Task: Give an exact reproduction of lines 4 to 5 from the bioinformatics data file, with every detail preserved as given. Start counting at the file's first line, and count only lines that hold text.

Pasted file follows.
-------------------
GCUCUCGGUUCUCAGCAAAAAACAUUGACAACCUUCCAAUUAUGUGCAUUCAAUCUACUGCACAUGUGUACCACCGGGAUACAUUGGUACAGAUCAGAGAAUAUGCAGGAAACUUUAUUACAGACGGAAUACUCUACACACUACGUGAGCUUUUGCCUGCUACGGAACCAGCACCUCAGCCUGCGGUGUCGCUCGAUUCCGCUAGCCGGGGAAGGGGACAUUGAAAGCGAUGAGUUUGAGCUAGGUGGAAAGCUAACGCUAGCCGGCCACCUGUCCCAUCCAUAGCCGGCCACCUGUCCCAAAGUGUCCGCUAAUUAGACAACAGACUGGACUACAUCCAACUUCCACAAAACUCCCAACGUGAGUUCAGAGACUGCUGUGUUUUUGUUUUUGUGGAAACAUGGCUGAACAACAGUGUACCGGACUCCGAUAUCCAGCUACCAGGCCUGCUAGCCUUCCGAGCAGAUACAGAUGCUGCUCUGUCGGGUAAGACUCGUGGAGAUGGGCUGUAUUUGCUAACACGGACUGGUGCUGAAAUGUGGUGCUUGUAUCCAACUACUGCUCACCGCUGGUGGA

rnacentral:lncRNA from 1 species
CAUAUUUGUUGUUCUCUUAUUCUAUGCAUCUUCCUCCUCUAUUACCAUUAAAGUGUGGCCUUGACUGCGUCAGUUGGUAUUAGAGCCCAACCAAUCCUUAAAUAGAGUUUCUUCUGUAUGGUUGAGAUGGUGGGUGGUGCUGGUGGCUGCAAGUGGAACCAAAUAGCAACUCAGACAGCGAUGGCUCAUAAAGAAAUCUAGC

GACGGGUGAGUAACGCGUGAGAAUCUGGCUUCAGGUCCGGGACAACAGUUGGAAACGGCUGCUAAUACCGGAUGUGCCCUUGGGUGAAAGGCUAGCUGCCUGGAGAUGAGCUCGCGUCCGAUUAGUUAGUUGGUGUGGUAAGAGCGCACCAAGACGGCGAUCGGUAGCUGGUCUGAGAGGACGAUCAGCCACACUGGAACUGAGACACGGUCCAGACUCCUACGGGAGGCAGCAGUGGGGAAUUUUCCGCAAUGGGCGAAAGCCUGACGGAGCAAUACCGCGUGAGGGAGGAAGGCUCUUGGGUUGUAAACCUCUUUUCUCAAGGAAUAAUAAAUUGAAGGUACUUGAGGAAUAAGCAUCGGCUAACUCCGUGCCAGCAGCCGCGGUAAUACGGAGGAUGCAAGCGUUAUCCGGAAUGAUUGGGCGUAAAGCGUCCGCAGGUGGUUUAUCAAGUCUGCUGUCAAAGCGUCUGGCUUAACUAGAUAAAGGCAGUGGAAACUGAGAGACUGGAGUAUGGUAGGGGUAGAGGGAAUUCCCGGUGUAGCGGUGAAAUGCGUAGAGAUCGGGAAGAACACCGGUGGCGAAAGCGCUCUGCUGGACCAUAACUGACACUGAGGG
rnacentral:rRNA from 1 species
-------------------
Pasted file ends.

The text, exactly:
GACGGGUGAGUAACGCGUGAGAAUCUGGCUUCAGGUCCGGGACAACAGUUGGAAACGGCUGCUAAUACCGGAUGUGCCCUUGGGUGAAAGGCUAGCUGCCUGGAGAUGAGCUCGCGUCCGAUUAGUUAGUUGGUGUGGUAAGAGCGCACCAAGACGGCGAUCGGUAGCUGGUCUGAGAGGACGAUCAGCCACACUGGAACUGAGACACGGUCCAGACUCCUACGGGAGGCAGCAGUGGGGAAUUUUCCGCAAUGGGCGAAAGCCUGACGGAGCAAUACCGCGUGAGGGAGGAAGGCUCUUGGGUUGUAAACCUCUUUUCUCAAGGAAUAAUAAAUUGAAGGUACUUGAGGAAUAAGCAUCGGCUAACUCCGUGCCAGCAGCCGCGGUAAUACGGAGGAUGCAAGCGUUAUCCGGAAUGAUUGGGCGUAAAGCGUCCGCAGGUGGUUUAUCAAGUCUGCUGUCAAAGCGUCUGGCUUAACUAGAUAAAGGCAGUGGAAACUGAGAGACUGGAGUAUGGUAGGGGUAGAGGGAAUUCCCGGUGUAGCGGUGAAAUGCGUAGAGAUCGGGAAGAACACCGGUGGCGAAAGCGCUCUGCUGGACCAUAACUGACACUGAGGG
rnacentral:rRNA from 1 species